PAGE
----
6. South Korean handset maker LG Electronics is looking to start manufacturing of smartphones in India once it gets to a 10% market share, which it estimates could be achieved by December.
7. Foxconn Technology is in talks to manufacture Apple Inc.’s iPhone in India in a move that could lower prices in the world’s No.3 smartphone market
8. Chinese phone maker Gionee plans a full-fledged factory over the next three years. Another Chinese handset maker, OPPO Mobiles will also soon announce plans to make in India.
Foxconn’s announcement is the most interesting development.
Foxconn (the company that’s most famous for manufacturing the iPhone) CEO Terry Gou has bigger plans that may help the sector to grow as global player. He has recently said, “(Foxconn) we will work with local brands and help them with design, and manufacture components locally, so that Indian brands can also start to export, right now India does not export.”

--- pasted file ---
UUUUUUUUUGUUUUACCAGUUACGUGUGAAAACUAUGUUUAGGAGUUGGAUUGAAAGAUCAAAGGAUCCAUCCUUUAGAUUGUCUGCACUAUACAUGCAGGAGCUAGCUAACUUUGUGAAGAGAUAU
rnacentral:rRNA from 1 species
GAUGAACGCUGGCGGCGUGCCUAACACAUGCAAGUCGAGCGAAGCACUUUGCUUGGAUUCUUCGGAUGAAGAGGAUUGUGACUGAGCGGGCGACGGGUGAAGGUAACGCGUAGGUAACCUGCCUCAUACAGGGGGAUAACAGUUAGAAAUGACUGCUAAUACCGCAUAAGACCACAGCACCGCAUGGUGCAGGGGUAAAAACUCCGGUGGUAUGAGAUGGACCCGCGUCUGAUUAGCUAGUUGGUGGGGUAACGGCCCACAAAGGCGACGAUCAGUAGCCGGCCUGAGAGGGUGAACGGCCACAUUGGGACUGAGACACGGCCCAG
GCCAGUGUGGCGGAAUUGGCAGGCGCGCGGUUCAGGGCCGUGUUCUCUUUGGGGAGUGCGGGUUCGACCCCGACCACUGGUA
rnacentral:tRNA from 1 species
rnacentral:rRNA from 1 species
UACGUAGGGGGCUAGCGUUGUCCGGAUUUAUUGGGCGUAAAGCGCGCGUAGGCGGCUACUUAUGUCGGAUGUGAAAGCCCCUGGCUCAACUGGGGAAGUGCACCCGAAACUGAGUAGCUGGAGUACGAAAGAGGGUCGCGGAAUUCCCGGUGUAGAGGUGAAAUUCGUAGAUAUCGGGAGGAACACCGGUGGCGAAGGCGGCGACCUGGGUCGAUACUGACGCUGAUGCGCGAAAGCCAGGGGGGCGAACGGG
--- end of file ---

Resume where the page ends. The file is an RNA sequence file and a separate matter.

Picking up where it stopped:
Naturally, most of these facilities, to start with, will be that for assembly operation. With the advantage of much cheaper labour, India will have some advantage. But for making India a significant player in mobile phone manufacturing, if the units for manufacturing components such as processors, cameras and touch screens must get setup soon. And the big manufacturers such as Sony, Samsung or Foxconn will have to allure component manufacturers to establish their plants in the electronics clusters, as Suzuki Maruti helped the growth of auto component sector.